Around Valentine’s Day, you hear all kinds of love stories.

About childhood sweethearts who find each other again after many years and marry; about elderly people finding love for the first time; of widows and widowers getting a second chance at love.

But there are also love stories of a different sort — ones you may not categorize as romantic, but involve a kind of romance nonetheless.

In Waterville, where Railroad Square Cinema has been showing independent and foreign films for the last 33 years, three couples have gotten together to show their love and appreciation for the cinema, which has managed to stay afloat despite a rotten economy.

You might say the reason for its survival is the great love affair the cinema’s founders and fans have with films you don’t typically see at larger commercial theaters.

Not to say commercial theaters don’t have quality films — they do — and Railroad Square screens some of those in addition to the independent ones.

But back to those three couples — Julie de Sherbinin and her husband, Nat Shed, of Waterville; Bill Jefferson and his wife, Bevin Engman, of Winslow; and Peter Nutting and his partner, Susan Brew, of China.

The film enthusiasts devised a way for Railroad Square fans to show their love, support and appreciation for the local cinema, which the couples have patronized for years.

It’s called Love the Square, and is organized in two parts: First, people are being asked to hand-deliver or mail valentines to the cinema at 17 Railroad Square, Waterville, ME, 04901-6139, and include a donation if they desire; and second, they are invited to an informal reception from 5 to 6 p.m. Tuesday, Valentine’s Day, to share some sweets and their love of film.

De Sherbinin, who came up with the idea, says she admires the cinema founders and employees for their dedication.

“Love the Square was really just a sense of, wouldn’t it be nice to let them know how valuable they are?” she said.

A teacher of Russian language and literature at Colby College, de Sherbinin downplays her expertise about films, saying she is drawn to them for diverse reasons:

“I’m not a filmie. I’m not really knowledgeable about films. I just love them.”

Jefferson — a filmmaker, film critic, and Railroad Square fan, volunteer and supporter — recalls that he and his wife moved away from Maine in 1991 and came back in 1996, not sure what he would do for work once they returned.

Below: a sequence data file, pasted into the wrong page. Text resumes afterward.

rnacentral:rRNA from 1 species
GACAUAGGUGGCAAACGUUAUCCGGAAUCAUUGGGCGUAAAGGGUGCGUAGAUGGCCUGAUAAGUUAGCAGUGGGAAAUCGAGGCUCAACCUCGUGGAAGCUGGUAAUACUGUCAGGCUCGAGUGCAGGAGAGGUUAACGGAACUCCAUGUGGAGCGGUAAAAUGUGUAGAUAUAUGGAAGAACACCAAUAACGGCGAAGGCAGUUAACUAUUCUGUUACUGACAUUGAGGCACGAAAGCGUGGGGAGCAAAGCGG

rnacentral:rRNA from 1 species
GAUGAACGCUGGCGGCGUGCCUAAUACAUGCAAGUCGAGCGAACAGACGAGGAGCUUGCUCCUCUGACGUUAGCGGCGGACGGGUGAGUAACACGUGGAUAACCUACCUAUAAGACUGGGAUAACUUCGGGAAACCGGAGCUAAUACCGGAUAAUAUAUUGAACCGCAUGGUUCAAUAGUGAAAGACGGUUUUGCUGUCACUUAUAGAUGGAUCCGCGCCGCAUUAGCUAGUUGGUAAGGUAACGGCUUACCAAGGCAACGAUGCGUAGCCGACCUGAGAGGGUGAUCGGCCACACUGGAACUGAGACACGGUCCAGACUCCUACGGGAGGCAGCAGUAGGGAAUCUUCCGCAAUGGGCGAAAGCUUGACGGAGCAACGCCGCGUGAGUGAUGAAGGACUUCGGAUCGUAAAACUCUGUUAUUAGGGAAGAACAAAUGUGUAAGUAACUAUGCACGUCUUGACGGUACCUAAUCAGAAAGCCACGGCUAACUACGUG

“But we both knew we could survive here because Railroad Square was here,” he said.

Now that’s what I call devotion.

Nutting tells a similar tale, saying he has been a fan of Railroad Square for 26 years, since moving to Maine from Ithaca, N.Y.

When Railroad Square posted a note on its website last fall saying attendance was off, Nutting and his wife sprung to action and became cinema members.

“That hit home,” he said. “As co-owner of the Iron Horse Bookstore from 1989 to 1995, which was the close neighbor of the original Railroad Square Cinema (which burned and was rebuilt), I know when a distress signal goes out, one needs to act.”

Despite all the other ways for getting and seeing films — online, through the mail, via satellite — there’s nothing quite like sitting in a theater and watching with an audience, getting to share the laughter and, sometimes, the tears.

It’s kind of like the difference between sitting alone, detached from the world and hoping love will come to you, instead of going out and pursuing it yourself.

You might say de Sherbinin and her friends are doing the latter — going to bat for something they love.

Their efforts do not go unnoticed. Without people like de Sherbinin and her friends, the cinema, a nonprofit corporation, would not exist, says Ken Eisen, a Railroad Square founder.

He said one of the reasons he and other founders and staff love the cinema is that the community has been so supportive. He calls the Valentine’s Day effort by de Sherbinin and friends “extraordinary.”

“It makes us feel valued and like we’re doing something right, even if we’re not making a whole lot of money. It’s really sweet.”

Amy Calder has been a Morning Sentinel reporter 24 years. Her column appears here Saturdays. She may be reached at [email protected]

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